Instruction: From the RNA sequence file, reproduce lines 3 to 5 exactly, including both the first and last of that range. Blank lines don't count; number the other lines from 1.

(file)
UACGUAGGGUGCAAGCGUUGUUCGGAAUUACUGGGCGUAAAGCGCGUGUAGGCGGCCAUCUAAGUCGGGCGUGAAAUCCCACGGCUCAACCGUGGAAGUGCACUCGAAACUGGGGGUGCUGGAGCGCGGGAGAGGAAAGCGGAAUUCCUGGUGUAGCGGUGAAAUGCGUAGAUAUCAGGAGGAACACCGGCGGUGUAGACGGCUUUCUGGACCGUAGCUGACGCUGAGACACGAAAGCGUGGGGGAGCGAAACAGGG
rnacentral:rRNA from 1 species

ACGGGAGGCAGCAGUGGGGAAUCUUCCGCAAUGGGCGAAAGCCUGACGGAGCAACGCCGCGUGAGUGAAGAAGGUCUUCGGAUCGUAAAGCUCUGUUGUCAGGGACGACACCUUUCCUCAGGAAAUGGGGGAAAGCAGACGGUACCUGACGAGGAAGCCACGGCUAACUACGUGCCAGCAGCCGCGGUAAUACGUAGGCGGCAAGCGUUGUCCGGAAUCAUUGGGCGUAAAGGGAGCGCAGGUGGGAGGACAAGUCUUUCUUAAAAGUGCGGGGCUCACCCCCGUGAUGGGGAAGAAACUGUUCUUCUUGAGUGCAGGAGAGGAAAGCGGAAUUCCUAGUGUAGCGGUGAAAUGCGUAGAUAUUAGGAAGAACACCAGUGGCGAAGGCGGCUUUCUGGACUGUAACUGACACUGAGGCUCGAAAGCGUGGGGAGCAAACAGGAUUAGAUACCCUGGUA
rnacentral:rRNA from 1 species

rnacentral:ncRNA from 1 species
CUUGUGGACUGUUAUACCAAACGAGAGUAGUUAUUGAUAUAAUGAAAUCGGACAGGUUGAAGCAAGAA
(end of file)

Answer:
ACGGGAGGCAGCAGUGGGGAAUCUUCCGCAAUGGGCGAAAGCCUGACGGAGCAACGCCGCGUGAGUGAAGAAGGUCUUCGGAUCGUAAAGCUCUGUUGUCAGGGACGACACCUUUCCUCAGGAAAUGGGGGAAAGCAGACGGUACCUGACGAGGAAGCCACGGCUAACUACGUGCCAGCAGCCGCGGUAAUACGUAGGCGGCAAGCGUUGUCCGGAAUCAUUGGGCGUAAAGGGAGCGCAGGUGGGAGGACAAGUCUUUCUUAAAAGUGCGGGGCUCACCCCCGUGAUGGGGAAGAAACUGUUCUUCUUGAGUGCAGGAGAGGAAAGCGGAAUUCCUAGUGUAGCGGUGAAAUGCGUAGAUAUUAGGAAGAACACCAGUGGCGAAGGCGGCUUUCUGGACUGUAACUGACACUGAGGCUCGAAAGCGUGGGGAGCAAACAGGAUUAGAUACCCUGGUA
rnacentral:rRNA from 1 species

rnacentral:ncRNA from 1 species